Every year I like to honour the art of the book dedication by posting some dedications which have caught my fancy through the months, a tradition harking back to the very first Books in the City post.
Just as there is no one recipe for a good book, there is no one recipe for a good book dedication. It's a bit like stone soup. Cryptic or poignant, cabbage or peas -- put in what you've got; the one essential ingredient is the magic stone, which in the case of dedications is personality, as so often in life.
1. Daniel Nester in How to be inappropriate
For our daughter, Miriam Lee Nester.
I’ll try to behave myself from now on.
I like the honesty of that "try", from someone who is so attuned to the inappropriate as to be able to offer an absorbing variety of examples, including "an Australian opposition leader caught sniffing a woman's chair; two more Australians, cadets this time, of Chinese descent singled out by superiors to play-act Koreans in knife combat; a Russian formalist points out a playwright's disregard for logic, and offers as evidence how characters break into scenes with strange or 'inappropriate' remarks; a proposed new drug treats 'inappropriate' levels of separation anxiety in dogs... ".
In other words, anything "odd, out of place". Hey! I think I've found an example of that:
It just seems like the second something becomes really solemn [like poetry], I want to do something wrong with it. I cant help but think it has something to do with being an alter boy. -- Daniel Nester, as quoted in the online magazine Smith
For my dad, who was proud of me
This made me so happy, and all the more when I saw a photo of Jane Hill.
This is Jane Hill, isn't she great?
3. And these are the Nabokovs, Vladimir and Véra:
|(Photo courtesy of Christie's)|
Vladimir Nabokov in Speak memory, Lolita, Pnin, Pale fire, Ada, Transparent things, and Look at the harlequins:
I learned this from Brian Boyd at this year's Writers' Festival, where he was presenting Letters to Véra, the book he edited of Nabokov's letters to his wife over their 52 years of marriage, the longest marriage in literary history, if I remember correctly. Starting from his memoir Speak memory in 1951 and until his death, Nabokov dedicated every one of his books to Véra.
The passionate lepidopterist also presented her with the first copy of each book as it arrived from the publisher, having first drawn in it an imaginary butterfly, a different one every time, playing on the occasion. Here's the harlequin butterfly he drew in Look at the harlequins, possibly a reference not just to the book but also to the harlequin mask Véra was wearing when they first met.
On their 43rd wedding anniversary, in Véra's copy of The Gift Nabokov wrote "Here is the tenderest of butterflies worthy of the anniversary, 1925-68", and labelled the butterfly he drew a male Charaxes Verae Nabokov. I looked up Charaxes. It is a genus of butterflies known for their constancy in returning always to the same spot.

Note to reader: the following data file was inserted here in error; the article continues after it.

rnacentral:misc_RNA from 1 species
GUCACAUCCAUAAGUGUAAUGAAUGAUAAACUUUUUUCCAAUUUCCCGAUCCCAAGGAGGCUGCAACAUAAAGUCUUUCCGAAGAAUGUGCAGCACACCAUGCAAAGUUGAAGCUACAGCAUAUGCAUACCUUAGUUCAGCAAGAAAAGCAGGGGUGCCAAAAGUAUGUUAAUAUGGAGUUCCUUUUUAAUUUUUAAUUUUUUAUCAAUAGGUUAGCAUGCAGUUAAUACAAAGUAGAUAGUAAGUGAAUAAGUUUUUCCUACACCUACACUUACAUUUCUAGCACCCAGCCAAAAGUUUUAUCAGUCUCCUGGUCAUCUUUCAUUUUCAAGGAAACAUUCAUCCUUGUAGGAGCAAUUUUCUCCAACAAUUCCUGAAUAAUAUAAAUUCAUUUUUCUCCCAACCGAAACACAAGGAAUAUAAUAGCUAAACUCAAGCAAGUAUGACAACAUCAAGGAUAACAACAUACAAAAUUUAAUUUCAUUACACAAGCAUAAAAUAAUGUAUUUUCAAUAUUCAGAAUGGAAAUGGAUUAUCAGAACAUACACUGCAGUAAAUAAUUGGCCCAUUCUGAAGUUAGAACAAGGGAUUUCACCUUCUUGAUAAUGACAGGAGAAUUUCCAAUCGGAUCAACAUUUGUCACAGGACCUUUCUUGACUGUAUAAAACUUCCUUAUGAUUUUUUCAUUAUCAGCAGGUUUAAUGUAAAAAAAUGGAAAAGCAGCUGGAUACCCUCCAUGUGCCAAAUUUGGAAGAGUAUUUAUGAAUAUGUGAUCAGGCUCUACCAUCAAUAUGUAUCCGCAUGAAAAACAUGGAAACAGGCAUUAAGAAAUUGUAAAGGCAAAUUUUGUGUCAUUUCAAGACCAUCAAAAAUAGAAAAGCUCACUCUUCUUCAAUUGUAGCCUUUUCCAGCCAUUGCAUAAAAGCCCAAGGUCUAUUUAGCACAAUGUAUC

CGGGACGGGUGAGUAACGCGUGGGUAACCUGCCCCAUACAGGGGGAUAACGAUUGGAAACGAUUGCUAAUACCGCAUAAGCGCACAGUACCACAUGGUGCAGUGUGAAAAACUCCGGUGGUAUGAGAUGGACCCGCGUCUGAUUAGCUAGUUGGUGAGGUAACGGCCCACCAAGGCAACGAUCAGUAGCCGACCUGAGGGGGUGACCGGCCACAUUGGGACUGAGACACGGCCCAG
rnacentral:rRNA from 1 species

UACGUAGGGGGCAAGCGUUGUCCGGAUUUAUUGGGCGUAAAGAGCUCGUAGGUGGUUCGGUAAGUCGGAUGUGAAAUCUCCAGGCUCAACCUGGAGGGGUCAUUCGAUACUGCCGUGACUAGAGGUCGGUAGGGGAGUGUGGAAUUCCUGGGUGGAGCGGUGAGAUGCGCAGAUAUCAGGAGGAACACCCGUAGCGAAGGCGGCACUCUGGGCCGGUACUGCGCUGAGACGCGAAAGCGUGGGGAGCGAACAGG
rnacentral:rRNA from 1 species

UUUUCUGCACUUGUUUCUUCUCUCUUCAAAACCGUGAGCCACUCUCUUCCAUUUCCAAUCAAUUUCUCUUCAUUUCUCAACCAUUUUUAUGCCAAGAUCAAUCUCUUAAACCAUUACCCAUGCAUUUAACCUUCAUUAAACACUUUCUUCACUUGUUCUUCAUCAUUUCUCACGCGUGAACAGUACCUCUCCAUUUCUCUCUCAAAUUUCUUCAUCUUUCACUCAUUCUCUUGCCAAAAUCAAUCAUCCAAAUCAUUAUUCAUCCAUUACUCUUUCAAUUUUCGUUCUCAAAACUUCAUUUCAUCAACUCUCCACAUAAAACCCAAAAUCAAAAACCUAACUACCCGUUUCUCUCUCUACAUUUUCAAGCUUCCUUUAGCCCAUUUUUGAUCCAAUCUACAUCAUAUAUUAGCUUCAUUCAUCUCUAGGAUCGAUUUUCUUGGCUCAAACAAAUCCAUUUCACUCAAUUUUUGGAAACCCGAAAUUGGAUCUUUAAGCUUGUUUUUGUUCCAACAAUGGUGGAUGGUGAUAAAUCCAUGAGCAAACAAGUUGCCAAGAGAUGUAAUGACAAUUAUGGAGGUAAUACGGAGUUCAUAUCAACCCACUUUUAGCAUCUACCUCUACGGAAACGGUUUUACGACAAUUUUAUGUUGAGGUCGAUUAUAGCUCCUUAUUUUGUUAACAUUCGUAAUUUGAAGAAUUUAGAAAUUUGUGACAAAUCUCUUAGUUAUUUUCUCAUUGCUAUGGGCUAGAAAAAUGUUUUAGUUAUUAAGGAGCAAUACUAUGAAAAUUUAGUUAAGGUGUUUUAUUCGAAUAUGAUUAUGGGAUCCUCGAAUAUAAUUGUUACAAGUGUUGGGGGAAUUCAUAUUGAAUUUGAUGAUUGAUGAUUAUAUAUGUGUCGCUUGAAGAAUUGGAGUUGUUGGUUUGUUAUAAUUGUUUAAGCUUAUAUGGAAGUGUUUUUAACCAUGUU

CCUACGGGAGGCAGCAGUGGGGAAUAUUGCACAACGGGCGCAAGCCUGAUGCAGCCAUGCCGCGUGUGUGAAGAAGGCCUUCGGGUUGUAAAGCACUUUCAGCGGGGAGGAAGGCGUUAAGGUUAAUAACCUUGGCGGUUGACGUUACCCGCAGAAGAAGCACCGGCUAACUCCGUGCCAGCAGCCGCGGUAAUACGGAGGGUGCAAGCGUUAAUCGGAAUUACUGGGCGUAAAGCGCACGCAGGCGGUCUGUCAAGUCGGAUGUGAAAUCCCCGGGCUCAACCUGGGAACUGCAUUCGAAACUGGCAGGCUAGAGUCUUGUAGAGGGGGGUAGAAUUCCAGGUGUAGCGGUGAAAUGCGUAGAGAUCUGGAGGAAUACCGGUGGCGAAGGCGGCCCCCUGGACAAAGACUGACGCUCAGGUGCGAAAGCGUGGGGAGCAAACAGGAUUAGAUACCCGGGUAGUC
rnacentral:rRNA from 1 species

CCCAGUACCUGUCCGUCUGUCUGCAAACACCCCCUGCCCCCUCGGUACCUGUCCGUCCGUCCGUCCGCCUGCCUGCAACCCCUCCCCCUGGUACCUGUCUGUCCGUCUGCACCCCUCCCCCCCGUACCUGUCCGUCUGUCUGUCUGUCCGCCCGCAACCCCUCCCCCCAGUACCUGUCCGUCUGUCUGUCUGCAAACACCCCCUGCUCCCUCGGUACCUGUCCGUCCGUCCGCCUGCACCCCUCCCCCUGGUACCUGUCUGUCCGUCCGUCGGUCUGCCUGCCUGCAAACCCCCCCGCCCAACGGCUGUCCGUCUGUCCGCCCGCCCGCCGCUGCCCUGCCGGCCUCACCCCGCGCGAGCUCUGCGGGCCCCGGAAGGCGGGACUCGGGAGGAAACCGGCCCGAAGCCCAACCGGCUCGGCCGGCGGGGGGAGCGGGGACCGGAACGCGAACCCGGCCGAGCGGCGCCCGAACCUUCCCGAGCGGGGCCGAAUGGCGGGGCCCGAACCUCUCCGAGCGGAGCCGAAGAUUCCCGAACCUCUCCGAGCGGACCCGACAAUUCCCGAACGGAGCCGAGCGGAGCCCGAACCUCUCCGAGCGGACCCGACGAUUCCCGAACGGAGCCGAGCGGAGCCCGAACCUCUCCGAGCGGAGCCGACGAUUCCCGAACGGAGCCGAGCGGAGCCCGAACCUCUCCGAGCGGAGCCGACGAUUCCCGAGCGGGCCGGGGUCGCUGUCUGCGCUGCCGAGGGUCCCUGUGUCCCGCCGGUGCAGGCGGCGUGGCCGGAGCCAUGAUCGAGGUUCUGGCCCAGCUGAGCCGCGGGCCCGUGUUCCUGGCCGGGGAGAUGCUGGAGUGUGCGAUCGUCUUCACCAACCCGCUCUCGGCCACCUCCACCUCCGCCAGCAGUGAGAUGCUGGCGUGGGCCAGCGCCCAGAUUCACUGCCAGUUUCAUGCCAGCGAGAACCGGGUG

4. Jules Feiffer in Backing into forward
For my children, my grandchild, my future grandchildren –
Success is nothing to sneeze at, but failure, too,
Offers great possibilities.
And always remember, do not let your judges define you.
I saved this one for last. A summa cum laude dedication, a capture in amber of that moment in which the book is finished and ready to be sent off, a message to the dedicatee, but also to us, idiosyncratic and direct from the heart. I love the dedication and I loved the book, a memoir by the great cartoonist, playwright and illustrator (most notably of the children's-classic-for-all-ages The Phantom Tollbooth). A boy growing up in the Bronx who lacked "the basic Bronx gene, the ball-playing gene", with a father "primarily gentle and not very significant in my life -- or his own", a mother whom he would happily have murdered, but didn't want to wound. The girl he hitch-hiked across America to rejoin, who when he shows up at her door can't change her weekend plans. "If you didn't love me anymore, why didn't you write me? I wouldn't have come!" he says.
"I didn't know I didn't love you," she said.
"When did you find out?"
"When I opened the door and saw you."
If you have never at any time in your life thought that could happen to you, this book isn't for you, and I feel sorry for you for that.
If you'd like to see more dedications, here are the posts:
Dedicated by -- or to -- the beats: Kerouac, Ferlinghetti, and Bob Orr
Book dedications n. 5: Balzac, Rostand, Conrad, Edward Gorey, and Neil Gaiman
Best book dedications n. 4: Hunter S. Thompson, Diana Wynne Jones, Lady Chatterley's lover
My dedications collection: Christine Lvov Lealand, Larry McMurtry, JD Salinger
Dedications, again: Cornell Woolrich, Michael King, H. Rider Haggard
Dedicated to the one I love: Ken Kesey and Diane Wakoski